5. The best sales tactic on Twitter — is not to sell anything.

Though Twitter works wonders for us, I have to admit that this is a very special platform. Like on Reddit the community is pretty much against any sales pitches.

Therefore, if you want to use Twitter as a marketing channel you have to forget about sales and start making friends. Communicate with people, be helpful, be funny, be positive and be very consistent. I spend several hours a day engaging with the community on Twitter. It’s probably a 20h/week job for me now.

6. When you’re building a tech startup you always have to make choices about choices

— how much of everything you’re going to offer to your customers. Do you build a feature that will let them do from here to here, or from here to over there. You constantly choose where you put the limits for customers. And it’s almost impossible to get it right from the very beginning.

First of all, because you just can’t ship all the features at once, you start with the MVP then build upon it. But you also have to figure out where to stop adding things, where these new features don’t contribute anymore to the value and just distract customers.

For Logology it was always a choice about the number of logo versions we offer. A designer will offer you 3–5 quality logos. Logo generators will generate maybe 100 very generic ones. How many are right for us? We constantly run tests, and right now we feel that about 20 versions work the best.

7. Some features that you consider to be a priority might turn out to be absolutely useless for your customers.

There are two ways to figure it out: ask them or test them. In the beginning, we were almost certain customers would want to get exclusive rights on the logos they buy.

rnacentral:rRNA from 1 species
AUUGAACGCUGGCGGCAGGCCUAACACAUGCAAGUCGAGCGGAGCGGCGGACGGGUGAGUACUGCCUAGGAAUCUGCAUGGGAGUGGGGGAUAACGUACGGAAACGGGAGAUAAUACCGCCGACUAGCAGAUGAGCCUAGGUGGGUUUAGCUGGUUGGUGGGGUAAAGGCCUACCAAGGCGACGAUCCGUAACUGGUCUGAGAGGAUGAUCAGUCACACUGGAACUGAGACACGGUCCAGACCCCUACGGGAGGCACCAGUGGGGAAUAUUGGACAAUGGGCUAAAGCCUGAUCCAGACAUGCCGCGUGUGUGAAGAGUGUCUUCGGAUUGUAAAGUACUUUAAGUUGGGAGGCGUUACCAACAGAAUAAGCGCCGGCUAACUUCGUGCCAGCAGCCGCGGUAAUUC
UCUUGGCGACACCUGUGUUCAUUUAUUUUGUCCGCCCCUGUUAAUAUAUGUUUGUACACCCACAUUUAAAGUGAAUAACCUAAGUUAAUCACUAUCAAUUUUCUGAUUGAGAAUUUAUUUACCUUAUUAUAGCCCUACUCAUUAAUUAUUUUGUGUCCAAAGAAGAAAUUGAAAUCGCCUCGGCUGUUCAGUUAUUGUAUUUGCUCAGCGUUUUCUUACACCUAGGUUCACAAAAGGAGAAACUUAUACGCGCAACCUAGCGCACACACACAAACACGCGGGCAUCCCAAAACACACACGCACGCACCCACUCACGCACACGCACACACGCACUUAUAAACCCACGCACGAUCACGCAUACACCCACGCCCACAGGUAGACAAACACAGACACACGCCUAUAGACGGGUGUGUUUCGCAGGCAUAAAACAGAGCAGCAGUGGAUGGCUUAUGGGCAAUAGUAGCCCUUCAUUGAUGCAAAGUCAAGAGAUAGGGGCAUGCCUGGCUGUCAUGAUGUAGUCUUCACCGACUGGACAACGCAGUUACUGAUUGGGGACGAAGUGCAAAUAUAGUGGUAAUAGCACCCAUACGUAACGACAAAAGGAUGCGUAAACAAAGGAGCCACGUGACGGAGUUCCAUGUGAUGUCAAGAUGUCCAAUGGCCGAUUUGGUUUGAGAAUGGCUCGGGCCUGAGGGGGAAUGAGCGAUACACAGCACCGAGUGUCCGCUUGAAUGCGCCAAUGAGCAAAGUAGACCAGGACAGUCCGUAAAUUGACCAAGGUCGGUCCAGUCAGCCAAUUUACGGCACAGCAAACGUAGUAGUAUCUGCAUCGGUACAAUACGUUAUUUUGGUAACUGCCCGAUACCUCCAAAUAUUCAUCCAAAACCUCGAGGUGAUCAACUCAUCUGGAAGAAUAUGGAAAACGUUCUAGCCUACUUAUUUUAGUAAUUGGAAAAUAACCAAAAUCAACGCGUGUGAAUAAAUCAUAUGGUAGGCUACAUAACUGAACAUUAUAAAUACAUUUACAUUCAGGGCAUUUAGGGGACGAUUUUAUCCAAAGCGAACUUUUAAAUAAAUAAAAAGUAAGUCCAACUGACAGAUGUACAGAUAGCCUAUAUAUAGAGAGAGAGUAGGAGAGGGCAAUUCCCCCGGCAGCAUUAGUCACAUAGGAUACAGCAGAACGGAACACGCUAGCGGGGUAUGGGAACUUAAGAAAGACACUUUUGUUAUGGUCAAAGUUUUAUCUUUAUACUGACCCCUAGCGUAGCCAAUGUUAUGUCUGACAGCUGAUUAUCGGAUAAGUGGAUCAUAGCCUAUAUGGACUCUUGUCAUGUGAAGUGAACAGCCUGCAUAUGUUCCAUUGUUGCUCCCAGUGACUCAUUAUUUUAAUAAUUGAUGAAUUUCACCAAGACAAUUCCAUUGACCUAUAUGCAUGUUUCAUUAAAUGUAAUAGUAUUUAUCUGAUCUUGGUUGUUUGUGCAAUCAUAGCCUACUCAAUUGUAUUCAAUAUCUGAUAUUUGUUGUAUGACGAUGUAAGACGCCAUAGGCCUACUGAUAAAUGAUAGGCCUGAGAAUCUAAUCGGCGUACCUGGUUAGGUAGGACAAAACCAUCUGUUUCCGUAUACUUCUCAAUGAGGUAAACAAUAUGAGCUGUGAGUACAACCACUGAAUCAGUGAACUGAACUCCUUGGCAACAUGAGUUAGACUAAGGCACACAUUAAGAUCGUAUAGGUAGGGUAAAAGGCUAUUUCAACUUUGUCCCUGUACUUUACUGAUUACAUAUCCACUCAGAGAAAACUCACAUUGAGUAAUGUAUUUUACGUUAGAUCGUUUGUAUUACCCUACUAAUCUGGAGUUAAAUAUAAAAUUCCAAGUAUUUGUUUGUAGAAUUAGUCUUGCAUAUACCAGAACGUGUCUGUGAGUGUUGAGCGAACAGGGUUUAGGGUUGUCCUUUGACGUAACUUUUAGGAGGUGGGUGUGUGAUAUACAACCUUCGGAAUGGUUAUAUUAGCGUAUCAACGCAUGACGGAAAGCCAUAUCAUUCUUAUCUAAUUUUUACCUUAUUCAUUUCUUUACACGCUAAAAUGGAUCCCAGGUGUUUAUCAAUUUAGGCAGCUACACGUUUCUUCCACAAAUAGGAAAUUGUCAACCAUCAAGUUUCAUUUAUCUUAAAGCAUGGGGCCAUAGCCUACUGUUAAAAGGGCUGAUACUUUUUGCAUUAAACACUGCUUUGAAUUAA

It made sense: they came to us because they were not satisfied with the generic approach of logo generators, they needed more unique brand experience, therefore they would love to make sure this unique logo belongs to them. Right? Wong!

We arranged a simple test: offered price options. Pay $100 and just download the file. Pay $400 aour designer will make it unique to your brand so you can have exclusivity. In this case no-one else will be able to use it. Guess what? We have only two customers so far who decided to invest in this more expensive option.

8. The only way to productize the service is to create as many scenarios as you can and store them in the database.

I’ve heard some people talking about productzation in terms of hiring more people to run simple tasks. It is not our experience. I sat for months with my wife, and we worked on splitting the process she uses to create a unique logo for a customer into a series of questions and answers.

What info does she need to create a unique experience? How do the answers impact the result? Then we created as many possible scenarios as we could and put them into the database.

Now, a customer has to fill in a simple questionnaire — and the app offers a logo version based on their answers. This is how I see a productised designer’s service.

9. You will never get anywhere if you only think in terms of sales, churn rate, bounce rate, etc.

Start thinking in terms of revenue. When you understand that you need to get to a certain level of revenue you start seeing a big picture. And you’ll get more creative with your tools of achieving it. You can work on getting more traffic, or you can offer additional services, or you can target other audiences.

Right now, we’re working on a set of logos for small businesses. We hope to expand to other markets to get to the level of revenue we’ll be comfortable with.

10. The most important thing in a startup is relationships.

Build your business with a person you trust and respect as a professional, with someone you’re comfortable with. For me — it’s my wife. I know for certain that what kept us running for a year without customers and what makes us grow today — is our trust in each other.


Created by

Ana Bibikova